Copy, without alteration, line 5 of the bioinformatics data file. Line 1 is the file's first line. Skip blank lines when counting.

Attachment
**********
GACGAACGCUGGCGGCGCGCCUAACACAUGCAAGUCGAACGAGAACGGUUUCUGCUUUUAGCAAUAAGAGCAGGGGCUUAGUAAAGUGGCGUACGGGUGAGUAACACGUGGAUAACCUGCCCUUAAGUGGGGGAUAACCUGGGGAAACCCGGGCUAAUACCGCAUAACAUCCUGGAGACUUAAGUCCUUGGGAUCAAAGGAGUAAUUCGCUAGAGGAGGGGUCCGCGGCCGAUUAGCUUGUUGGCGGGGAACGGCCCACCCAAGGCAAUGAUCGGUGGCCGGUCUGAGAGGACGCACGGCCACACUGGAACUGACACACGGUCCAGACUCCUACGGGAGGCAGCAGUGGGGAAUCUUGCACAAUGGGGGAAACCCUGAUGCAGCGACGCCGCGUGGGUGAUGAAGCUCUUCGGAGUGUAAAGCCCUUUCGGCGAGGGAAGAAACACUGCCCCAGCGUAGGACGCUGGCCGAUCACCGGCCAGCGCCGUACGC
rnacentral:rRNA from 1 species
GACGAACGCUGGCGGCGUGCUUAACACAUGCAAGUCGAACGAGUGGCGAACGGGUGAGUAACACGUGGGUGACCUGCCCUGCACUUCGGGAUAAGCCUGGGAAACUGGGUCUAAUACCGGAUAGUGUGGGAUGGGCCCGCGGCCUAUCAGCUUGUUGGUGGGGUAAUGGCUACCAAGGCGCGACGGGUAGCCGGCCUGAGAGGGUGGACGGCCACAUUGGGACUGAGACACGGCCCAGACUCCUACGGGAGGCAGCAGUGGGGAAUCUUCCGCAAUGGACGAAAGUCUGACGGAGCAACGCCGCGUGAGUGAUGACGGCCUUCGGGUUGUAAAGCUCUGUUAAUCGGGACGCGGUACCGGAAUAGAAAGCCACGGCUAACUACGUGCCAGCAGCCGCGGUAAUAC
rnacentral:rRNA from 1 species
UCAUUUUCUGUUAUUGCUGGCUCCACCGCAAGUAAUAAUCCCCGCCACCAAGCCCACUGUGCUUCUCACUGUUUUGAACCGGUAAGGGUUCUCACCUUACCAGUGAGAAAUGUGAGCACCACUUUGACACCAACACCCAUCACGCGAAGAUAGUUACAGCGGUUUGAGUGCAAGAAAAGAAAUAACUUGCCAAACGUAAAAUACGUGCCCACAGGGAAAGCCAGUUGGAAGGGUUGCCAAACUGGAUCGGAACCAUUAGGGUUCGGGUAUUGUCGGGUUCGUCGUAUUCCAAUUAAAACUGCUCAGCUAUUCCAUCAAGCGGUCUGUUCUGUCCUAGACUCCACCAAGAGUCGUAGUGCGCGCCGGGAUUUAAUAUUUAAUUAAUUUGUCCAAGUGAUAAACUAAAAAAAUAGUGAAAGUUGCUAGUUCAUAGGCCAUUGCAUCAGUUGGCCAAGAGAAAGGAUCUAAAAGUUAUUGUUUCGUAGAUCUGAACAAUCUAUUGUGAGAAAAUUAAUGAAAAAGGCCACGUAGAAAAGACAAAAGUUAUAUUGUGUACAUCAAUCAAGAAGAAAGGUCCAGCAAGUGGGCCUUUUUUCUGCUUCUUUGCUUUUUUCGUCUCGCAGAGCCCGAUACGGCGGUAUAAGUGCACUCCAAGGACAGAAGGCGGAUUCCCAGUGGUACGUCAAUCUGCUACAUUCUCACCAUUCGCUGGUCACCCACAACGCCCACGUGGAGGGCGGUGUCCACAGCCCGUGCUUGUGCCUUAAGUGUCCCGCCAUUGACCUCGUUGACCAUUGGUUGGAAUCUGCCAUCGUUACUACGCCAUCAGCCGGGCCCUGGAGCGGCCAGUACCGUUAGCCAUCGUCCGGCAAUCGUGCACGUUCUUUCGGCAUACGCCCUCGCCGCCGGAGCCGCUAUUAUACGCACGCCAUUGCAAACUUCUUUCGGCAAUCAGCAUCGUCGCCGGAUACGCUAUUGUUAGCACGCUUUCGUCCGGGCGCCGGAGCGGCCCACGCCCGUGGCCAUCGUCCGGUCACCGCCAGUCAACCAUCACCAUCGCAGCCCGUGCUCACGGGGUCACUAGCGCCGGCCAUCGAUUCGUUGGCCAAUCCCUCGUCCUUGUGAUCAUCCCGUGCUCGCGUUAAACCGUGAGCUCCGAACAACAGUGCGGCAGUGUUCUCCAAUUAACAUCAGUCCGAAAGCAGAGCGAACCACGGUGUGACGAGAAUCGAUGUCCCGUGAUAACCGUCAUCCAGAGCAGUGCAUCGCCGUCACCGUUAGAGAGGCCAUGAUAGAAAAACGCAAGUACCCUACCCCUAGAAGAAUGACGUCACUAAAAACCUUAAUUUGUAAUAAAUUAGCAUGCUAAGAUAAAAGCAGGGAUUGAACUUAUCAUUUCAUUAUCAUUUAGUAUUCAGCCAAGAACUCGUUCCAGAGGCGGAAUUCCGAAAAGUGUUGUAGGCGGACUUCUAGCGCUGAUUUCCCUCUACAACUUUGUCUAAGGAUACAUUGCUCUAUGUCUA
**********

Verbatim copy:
UCAUUUUCUGUUAUUGCUGGCUCCACCGCAAGUAAUAAUCCCCGCCACCAAGCCCACUGUGCUUCUCACUGUUUUGAACCGGUAAGGGUUCUCACCUUACCAGUGAGAAAUGUGAGCACCACUUUGACACCAACACCCAUCACGCGAAGAUAGUUACAGCGGUUUGAGUGCAAGAAAAGAAAUAACUUGCCAAACGUAAAAUACGUGCCCACAGGGAAAGCCAGUUGGAAGGGUUGCCAAACUGGAUCGGAACCAUUAGGGUUCGGGUAUUGUCGGGUUCGUCGUAUUCCAAUUAAAACUGCUCAGCUAUUCCAUCAAGCGGUCUGUUCUGUCCUAGACUCCACCAAGAGUCGUAGUGCGCGCCGGGAUUUAAUAUUUAAUUAAUUUGUCCAAGUGAUAAACUAAAAAAAUAGUGAAAGUUGCUAGUUCAUAGGCCAUUGCAUCAGUUGGCCAAGAGAAAGGAUCUAAAAGUUAUUGUUUCGUAGAUCUGAACAAUCUAUUGUGAGAAAAUUAAUGAAAAAGGCCACGUAGAAAAGACAAAAGUUAUAUUGUGUACAUCAAUCAAGAAGAAAGGUCCAGCAAGUGGGCCUUUUUUCUGCUUCUUUGCUUUUUUCGUCUCGCAGAGCCCGAUACGGCGGUAUAAGUGCACUCCAAGGACAGAAGGCGGAUUCCCAGUGGUACGUCAAUCUGCUACAUUCUCACCAUUCGCUGGUCACCCACAACGCCCACGUGGAGGGCGGUGUCCACAGCCCGUGCUUGUGCCUUAAGUGUCCCGCCAUUGACCUCGUUGACCAUUGGUUGGAAUCUGCCAUCGUUACUACGCCAUCAGCCGGGCCCUGGAGCGGCCAGUACCGUUAGCCAUCGUCCGGCAAUCGUGCACGUUCUUUCGGCAUACGCCCUCGCCGCCGGAGCCGCUAUUAUACGCACGCCAUUGCAAACUUCUUUCGGCAAUCAGCAUCGUCGCCGGAUACGCUAUUGUUAGCACGCUUUCGUCCGGGCGCCGGAGCGGCCCACGCCCGUGGCCAUCGUCCGGUCACCGCCAGUCAACCAUCACCAUCGCAGCCCGUGCUCACGGGGUCACUAGCGCCGGCCAUCGAUUCGUUGGCCAAUCCCUCGUCCUUGUGAUCAUCCCGUGCUCGCGUUAAACCGUGAGCUCCGAACAACAGUGCGGCAGUGUUCUCCAAUUAACAUCAGUCCGAAAGCAGAGCGAACCACGGUGUGACGAGAAUCGAUGUCCCGUGAUAACCGUCAUCCAGAGCAGUGCAUCGCCGUCACCGUUAGAGAGGCCAUGAUAGAAAAACGCAAGUACCCUACCCCUAGAAGAAUGACGUCACUAAAAACCUUAAUUUGUAAUAAAUUAGCAUGCUAAGAUAAAAGCAGGGAUUGAACUUAUCAUUUCAUUAUCAUUUAGUAUUCAGCCAAGAACUCGUUCCAGAGGCGGAAUUCCGAAAAGUGUUGUAGGCGGACUUCUAGCGCUGAUUUCCCUCUACAACUUUGUCUAAGGAUACAUUGCUCUAUGUCUA